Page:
by Anahita Saleh, United World College Maastricht
27th April, 2020
On the night of 1 July 2016, at 21:20 local time, five militants took hostages and opened fire on the Holey Artisan Bakery in Gulshan, Dhaka. The assailants entered the bakery with crude bombs, machetes, pistols, and took several dozen hostages (foreigners and locals). In the immediate response, while Dhaka Metropolitan Police tried to regain control of the bakery, two police officers were shot dead by the assailants.
It would’ve been just another article on Facebook. I almost scrolled past. I scanned through the first paragraph, my thumb almost on the screen, but then I saw the name of my city. The place I grew up in. I felt sick- but why only after I’d seen that one word?
I was on a flight back home from Dubai with my dad that night. We were strapped in our seats in the clouds, blue light from the live news app on his phone lit up our furrowed brows. We were miles above and away from Dhaka, but I felt invaded, like someone had broken into my home. Holey had the most delicious lemon meringue pies. Crispy crust, the filling sweet enough to be my grandma’s favourite dessert and tart enough to make your lips curl up into a tiny ‘O’. This sanctuary was the crowning gem of our neighbourhood. When inviting guests over to our part of town, we’d give directions to our house by proximity to the bakery. I couldn’t imagine the grassy patch my brother played imaginary games on being trampled on by self-righteous thick black boots. Or the wooden blue deck chairs being reduced to splinters from being used as a cover from raining bullets. Blood on the french windows. Bodies contorted in all shapes on the marble floors.
The next few days, the whole city held its breath in anticipation of the aftershock; the police stopped my friends on the way to their classes, fifth graders had to pass through metal detectors to get to school, my agnostic mother made me memorise a sura I’d have to recite in order to prove I was a Muslim. God forbid you’re ever in a situation where you need to do that, she said, but you can never know.
In the midst of the tension before the storm that never came, a short message written by a girl a year older than me was circulating on social media. It had no title, and wasn’t longer than a paragraph. I remember how I felt when I read it. Being thirteen years old and feeling insecure and lost, her message made me feel like I had the power to change the situation we were in. Her writing resounded with in our social circles like a call to arms. Even if it was giving a stranger a compliment, or having a little empathy for someone who was having a bad day, we could help shift the somber clouds that hung over our heads.
A few weeks ago, I selected this to share with my classmates in English class. It was a text from my culture that I connected with, because I remember the hope I felt when I first read it. However, when being faced with having to justify why I chose it today, I didn’t know what to say. After three years, I read the words that had held so much meaning out loud and they left my mouth as empty noises. The memories and emotions from when I was thirteen were superglued to the back of my brain, as vibrant as ever; I could understand, but I couldn’t empathise- and that scared me. In the three years that followed the Holey Artisan shooting, as I was growing up and becoming more exposed to social media, news stories of shootings became commonplace. I’d be scrolling mindlessly through my phone at breakfast- Kim Kardashian this, Donald Trump tweets that, and then suddenly, shooting at Texas football game kills 10. I’d make a face, I’d feel a tightness somewhere in my chest, and then I’d keep scrolling. One of my best friends from school who moved there this summer asked for a bulletproof backpack for his birthday. When surrealist nightmares like these become a part of everyday life, there are only two ways to be- go insane with constant worry or to exist in a state of slight dissociation. To think that these casualties are just victims of coincidence. Things happen. Lend your thoughts and prayers. Move on. What else can be done?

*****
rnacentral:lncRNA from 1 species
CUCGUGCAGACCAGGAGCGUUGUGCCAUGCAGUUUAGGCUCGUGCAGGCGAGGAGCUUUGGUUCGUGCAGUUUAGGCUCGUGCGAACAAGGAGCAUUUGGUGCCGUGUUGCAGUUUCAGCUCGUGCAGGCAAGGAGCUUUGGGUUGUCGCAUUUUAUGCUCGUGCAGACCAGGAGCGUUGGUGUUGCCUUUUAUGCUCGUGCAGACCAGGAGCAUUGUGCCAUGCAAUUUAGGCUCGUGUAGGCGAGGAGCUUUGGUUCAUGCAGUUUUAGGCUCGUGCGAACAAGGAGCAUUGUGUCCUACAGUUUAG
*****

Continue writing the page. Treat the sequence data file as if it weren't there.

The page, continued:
My question is, when do we reach this point of desensitisation? When is the tipping point for when the influx of media drowns our empathy? Maybe it’s hidden in the blurred pixels of the bloodied face of an unnamed student protestor. Maybe it’s in between the hollow comments of comfort strangers offer after an attack hits too close to home. When diving into this black hole of thought I feel that I’m left with too many questions I don’t have the answers for. I’d rather keep asking them than admit I’ve become unfeeling- less human. But if that is the price to pay for being able to carry on, is it better being this way?
Social media has become the main source of information for most people. We’re bombarded with news and stories every day. What we tend to forget is that this access to information is both the bane and privilege of our generation. We take to the streets for the issues we care about and afterwards, our battle cries echo on and on through timelines and feeds. At the end of the day, it is our duty to harness the power of that information; we need to learn to make our own filters to decide what issues to get charged up about, and which ones to overlook.
Anahita Saleh is a Bangladeshi first year student at United World College Maastricht. She has been a part of The Flying Dutchman as a writer since January 2020.